Start simply, with flowers
Harvesting on a brisk autumn day is like a final celebration for the gardener. A glorious past season promises a bountiful new garden.
Packet prices can add up in a hurry, even if you have only a small bed to fill. A few minutes of shaking ripe seed into an envelope in the early fall can produce a summer garden next year that is filled with mallows, petunias, marigolds, and other favorites—all grown for free. Saving your own seeds enables you to use your garden budget for major nonplant investments, like that teakwood table and chairs you’ve been lusting after.
You can save seeds from all kinds of plants. Annuals are the easiest because they’re the most prolific at producing seeds, but perennials and biennials are entirely possible. However, some plants aren’t worth gathering seed from because they reproduce much faster by division. I don’t fool with bee balm (Monarda didyma), daylilies (Hemerocallis cvs.), irises (Iris spp.), or showy evening primrose (Oenothera speciosa), for example. Although I could grow them from seed, why bother? A quick thrust with a trowel and I have a good start ready to plant.
It never occurred to me to save seed from bulbs until a few years ago, but now I do it all the time. Small, early spring bulbs like scillas (Scilla siberica) and snowdrops (Galanthus nivalis) are particularly rewarding. Instead of waiting half a lifetime to have an ocean of blue scillas under my trees, I accomplished it in five years by collecting seed and nurturing the tiny plants that sprouted, planting them one by one in a gradually outward-spreading area.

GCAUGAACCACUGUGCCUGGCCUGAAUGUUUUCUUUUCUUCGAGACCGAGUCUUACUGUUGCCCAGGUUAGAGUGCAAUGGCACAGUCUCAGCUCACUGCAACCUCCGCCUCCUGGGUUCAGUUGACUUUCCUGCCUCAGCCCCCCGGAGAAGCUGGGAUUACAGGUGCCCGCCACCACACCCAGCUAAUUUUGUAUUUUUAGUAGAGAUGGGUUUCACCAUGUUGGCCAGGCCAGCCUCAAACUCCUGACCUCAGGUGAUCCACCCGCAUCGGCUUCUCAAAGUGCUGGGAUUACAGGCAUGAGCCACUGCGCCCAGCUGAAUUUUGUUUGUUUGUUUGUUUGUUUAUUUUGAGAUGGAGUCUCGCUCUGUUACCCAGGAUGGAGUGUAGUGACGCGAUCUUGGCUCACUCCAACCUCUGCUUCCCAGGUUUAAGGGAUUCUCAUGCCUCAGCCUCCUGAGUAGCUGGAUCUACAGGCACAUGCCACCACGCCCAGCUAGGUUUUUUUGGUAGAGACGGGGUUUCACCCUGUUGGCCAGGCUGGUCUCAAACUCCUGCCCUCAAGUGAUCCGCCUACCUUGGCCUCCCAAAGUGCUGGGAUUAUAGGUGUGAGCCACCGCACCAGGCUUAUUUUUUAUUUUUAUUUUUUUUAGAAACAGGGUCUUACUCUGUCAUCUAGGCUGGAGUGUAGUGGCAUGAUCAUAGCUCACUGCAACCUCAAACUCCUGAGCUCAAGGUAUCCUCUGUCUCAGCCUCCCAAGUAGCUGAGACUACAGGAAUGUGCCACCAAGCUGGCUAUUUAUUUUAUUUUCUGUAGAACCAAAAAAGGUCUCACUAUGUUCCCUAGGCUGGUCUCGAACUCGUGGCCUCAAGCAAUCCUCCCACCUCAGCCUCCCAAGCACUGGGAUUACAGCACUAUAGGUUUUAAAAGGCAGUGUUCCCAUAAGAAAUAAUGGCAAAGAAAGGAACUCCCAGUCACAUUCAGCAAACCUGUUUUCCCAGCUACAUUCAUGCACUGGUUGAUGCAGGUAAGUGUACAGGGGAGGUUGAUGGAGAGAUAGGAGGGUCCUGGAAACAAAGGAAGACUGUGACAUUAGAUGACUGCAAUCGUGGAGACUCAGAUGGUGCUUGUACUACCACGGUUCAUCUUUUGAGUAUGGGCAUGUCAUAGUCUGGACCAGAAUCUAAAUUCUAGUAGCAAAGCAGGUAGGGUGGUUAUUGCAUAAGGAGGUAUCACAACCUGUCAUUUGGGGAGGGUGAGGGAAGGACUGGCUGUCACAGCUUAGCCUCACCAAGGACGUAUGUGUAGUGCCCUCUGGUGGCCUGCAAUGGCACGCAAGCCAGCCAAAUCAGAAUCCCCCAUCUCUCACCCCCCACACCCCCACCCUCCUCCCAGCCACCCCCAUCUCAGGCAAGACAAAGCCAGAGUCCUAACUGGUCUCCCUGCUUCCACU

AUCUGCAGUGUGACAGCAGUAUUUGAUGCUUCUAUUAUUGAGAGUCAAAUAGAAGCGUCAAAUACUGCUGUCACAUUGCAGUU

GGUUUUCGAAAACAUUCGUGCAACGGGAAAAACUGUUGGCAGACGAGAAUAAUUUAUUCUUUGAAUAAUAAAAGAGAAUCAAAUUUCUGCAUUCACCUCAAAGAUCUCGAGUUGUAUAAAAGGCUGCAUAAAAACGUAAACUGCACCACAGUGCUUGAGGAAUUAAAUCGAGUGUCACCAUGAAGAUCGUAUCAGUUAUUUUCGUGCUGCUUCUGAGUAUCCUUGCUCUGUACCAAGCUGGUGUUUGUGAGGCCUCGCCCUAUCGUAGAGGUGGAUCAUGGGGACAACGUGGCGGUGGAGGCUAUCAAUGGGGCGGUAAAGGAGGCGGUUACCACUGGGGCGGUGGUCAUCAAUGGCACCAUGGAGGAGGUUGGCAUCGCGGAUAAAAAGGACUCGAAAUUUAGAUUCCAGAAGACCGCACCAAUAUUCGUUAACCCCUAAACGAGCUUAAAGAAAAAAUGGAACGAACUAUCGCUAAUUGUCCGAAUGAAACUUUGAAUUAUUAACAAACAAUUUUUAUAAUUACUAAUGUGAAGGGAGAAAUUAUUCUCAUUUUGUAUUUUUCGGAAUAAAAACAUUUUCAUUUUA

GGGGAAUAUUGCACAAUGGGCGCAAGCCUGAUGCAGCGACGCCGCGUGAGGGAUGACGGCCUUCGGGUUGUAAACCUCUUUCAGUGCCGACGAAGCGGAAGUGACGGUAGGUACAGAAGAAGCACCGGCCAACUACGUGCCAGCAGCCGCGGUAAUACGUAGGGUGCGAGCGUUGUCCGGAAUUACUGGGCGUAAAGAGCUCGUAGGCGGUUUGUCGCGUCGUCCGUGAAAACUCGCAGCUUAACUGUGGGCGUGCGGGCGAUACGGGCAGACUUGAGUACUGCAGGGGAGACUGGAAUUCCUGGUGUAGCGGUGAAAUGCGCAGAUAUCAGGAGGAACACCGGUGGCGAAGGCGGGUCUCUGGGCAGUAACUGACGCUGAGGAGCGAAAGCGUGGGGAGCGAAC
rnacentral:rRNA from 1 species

Birds gave me the idea of growing vines, shrubs, and trees from seed. They “deposited” the start of many of the plants in my woodsy front yard, from virgin’s bower (Clematis virginiana) to American holly (Ilex opaca) and hawthorn (Crataegus spp.). I appreciate the birds’ efforts, but I like my plantings a little less willy-nilly, so now I do my own collecting of berries and seeds for woody plants.
Flowers are best for beginners, because most of them need no special treatment to encourage seeds to sprout. Self-sowing plants, like California poppies (Eschscholzia californica), spider flowers (Cleome hasslerana), and cottage garden columbines (Aquilegia vulgaris), are perfect to practice on.
Not all plants grown from seed look like their parents. Those that do are called “heritage seeds.” They’re a specialty of some catalogs and, more informally, among backyard gardeners. Like my friend’s pink poppies, or the wonderful ivory-seeded sunflowers (Helianthus annuus ‘Tarahumara White’) developed by Tarahumara Indians of the Southwest, these plants always “come true” from seed.
By collecting seed from many plants in your garden, you’re bound to be rewarded with surprises. One of my favorite garden flowers is an oddball-striped, russet marigold that brightens my summer garden. It cropped up from a batch of seed I saved from an expensive named variety, and I gradually weeded out the strays until it bred nearly true. Now I hand out envelopes of the seeds, confident that most of the young’uns will look a lot like Mom Marigold, but knowing that friends may get their own just-as-welcome surprises in the batch.